“We recognize how good a football player Chris Tyree is, but in the end, the security of the football in the transition of it from our defense to our offense is the single most important factor,” Polian said. “If Chris is not yet comfortable, and there are times when he articulates to us, ‘I’m not quite there yet,’ I’m not going to roll him out there on national TV if he’s not comfortable yet.”
Polian said Tyree is continuing work at punt returns in competition with Salerno, senior wide receiver Lawrence Keys III, freshman wide receiver Lorenzo Styles Jr. and freshman cornerback Philip Riley.
The opportunities for substantial punt returns have become increasingly rare over the past decade, Polian said, with the increased popularity of the shield punt formation. That leaves punt return teams with limited opportunities for game-breaking returns.
“What we preach to the team is you never know which one or two it’s going to be and we have to be working on all cylinders every snap,” Polian said. “So that when we do get a legit return opportunity, that we can take advantage of it. That’s the challenge for us. But the reality of it is the game has changed.”
Fair catches have become increasingly popular across the FBS too. According to ESPN Stats and Information, 13.5 percent of punts were fair caught in 2004. Through Nov. 1 of last season, 34.7 percent of punts nationally were fair caught in 2020.
Notre Dame fair caught 27 of the 60 punts (45 percent) from opponents last season. Alabama, which finished ninth in the FBS with a 14.95-yard average on punt returns, fair caught 23 of the 62 punts (37 percent) it faced.
Polian said it’s not fair to say that Notre Dame has become Fair Catch Central.
“If you don’t recognize that change,” Polian said, “and you’re just saying, ‘Boy, they used to return more punts than they do now,’ you have to recognize that the game has changed.”
The most perplexing aspect of Notre Dame’s special teams last season may have been the inaccuracy of kicker Jonathan Doerer in the latter half of the season.
Doerer made 12 of his first 15 field goal attempts, then missed five of his last eight. Doerer, who missed one field goal in each of the last five games, finished the season ranked No. 81 in the FBS for making only 65.2 percent of his field goal tries.
In 2019, Doerer made 85 percent of his field goals (13-of-17).
“There were some mechanical issues,” Polian said, “something that he couldn’t quite get comfortable with, and then it became a confidence thing. ‘Hey, I’m going to be super careful here and instead of getting up there and swinging at the ball, I’m just going to try and ease it through the uprights.’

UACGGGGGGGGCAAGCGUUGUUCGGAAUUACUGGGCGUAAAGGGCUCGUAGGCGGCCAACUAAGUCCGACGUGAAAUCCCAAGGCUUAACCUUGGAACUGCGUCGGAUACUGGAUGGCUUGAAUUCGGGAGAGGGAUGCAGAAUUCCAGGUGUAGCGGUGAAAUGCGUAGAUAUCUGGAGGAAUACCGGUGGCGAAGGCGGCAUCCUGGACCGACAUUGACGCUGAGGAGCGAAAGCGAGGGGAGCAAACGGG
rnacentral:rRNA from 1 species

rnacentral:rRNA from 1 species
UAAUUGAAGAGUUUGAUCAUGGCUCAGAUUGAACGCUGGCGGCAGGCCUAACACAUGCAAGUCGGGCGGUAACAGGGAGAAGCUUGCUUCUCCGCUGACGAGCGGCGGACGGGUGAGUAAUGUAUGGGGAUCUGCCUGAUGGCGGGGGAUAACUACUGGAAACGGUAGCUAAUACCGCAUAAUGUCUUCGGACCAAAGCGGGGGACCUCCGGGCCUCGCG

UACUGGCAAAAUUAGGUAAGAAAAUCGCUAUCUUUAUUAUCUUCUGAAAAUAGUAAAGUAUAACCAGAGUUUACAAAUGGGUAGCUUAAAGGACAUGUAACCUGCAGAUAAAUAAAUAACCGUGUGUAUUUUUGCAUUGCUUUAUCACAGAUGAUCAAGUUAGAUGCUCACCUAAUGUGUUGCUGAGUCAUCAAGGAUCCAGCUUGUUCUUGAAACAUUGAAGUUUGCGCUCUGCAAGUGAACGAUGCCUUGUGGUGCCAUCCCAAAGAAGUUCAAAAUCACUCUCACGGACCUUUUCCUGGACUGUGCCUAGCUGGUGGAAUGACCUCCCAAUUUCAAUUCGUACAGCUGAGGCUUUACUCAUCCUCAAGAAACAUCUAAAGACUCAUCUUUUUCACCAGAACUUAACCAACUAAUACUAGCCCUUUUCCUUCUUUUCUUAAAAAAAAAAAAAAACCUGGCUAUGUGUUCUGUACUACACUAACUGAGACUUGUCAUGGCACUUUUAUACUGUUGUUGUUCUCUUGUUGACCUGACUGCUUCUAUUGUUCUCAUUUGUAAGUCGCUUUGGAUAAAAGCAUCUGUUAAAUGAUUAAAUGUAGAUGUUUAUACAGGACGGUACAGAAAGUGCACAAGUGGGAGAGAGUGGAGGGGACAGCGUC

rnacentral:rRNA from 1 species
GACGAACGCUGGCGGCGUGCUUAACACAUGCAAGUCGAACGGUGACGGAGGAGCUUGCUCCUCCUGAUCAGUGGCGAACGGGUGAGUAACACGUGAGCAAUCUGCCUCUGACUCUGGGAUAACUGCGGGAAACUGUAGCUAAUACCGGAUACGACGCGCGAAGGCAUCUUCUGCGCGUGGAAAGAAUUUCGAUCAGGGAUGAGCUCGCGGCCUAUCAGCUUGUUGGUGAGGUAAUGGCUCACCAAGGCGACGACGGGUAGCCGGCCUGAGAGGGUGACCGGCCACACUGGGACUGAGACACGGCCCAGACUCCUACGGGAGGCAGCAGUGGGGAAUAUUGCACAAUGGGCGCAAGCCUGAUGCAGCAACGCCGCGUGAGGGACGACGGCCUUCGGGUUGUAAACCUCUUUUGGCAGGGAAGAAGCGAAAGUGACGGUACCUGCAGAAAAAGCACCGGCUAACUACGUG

“It’s frustrating to him and it’s frustrating to me that I couldn’t help him more at the end of the year, because you think back to the (first) Clemson game and we don’t win that game without Jon Doerer.”
Doerer made four field goals and five extra points in the 47-40, double-overtime victory over then-No. 1 Clemson. His only miss came on a 57-yard attempt at the end of the first half.
“We know he can do it on the biggest stage,” Polian said, “so we have to help him get back to making sure that we’re rock solid mechanically, so then the confidence comes with that.”
• Polian identified two kick returns last season that he felt like Tyree had a chance to break for a touchdowns last season. He wants to be able to let Tyree, who averaged 20.7 yards per return last season, roam free even more in 2021.
“That’s been something that we studied hard here in the offseason because we do feel like we have an electric return man,” Polian said. “If we go into a week and feel like we’re going to get legit opportunities, we want to take advantage of them.”
• The Irish lost two key special teams contributors in Jack Lamb (graduate transfer) and Brock Wright (NFL), but Polian said he’s fortunate to have a handful of key contributors back like linebackers Bo Bauer, Jack Kiser, Maris Liufau and Isaiah Pryor and safety Houston Griffith.
Polian wants to get more wide receivers and defensive backs involved too. He described safety Justin Walters and cornerback Philip Riley as fast risers on special teams this spring.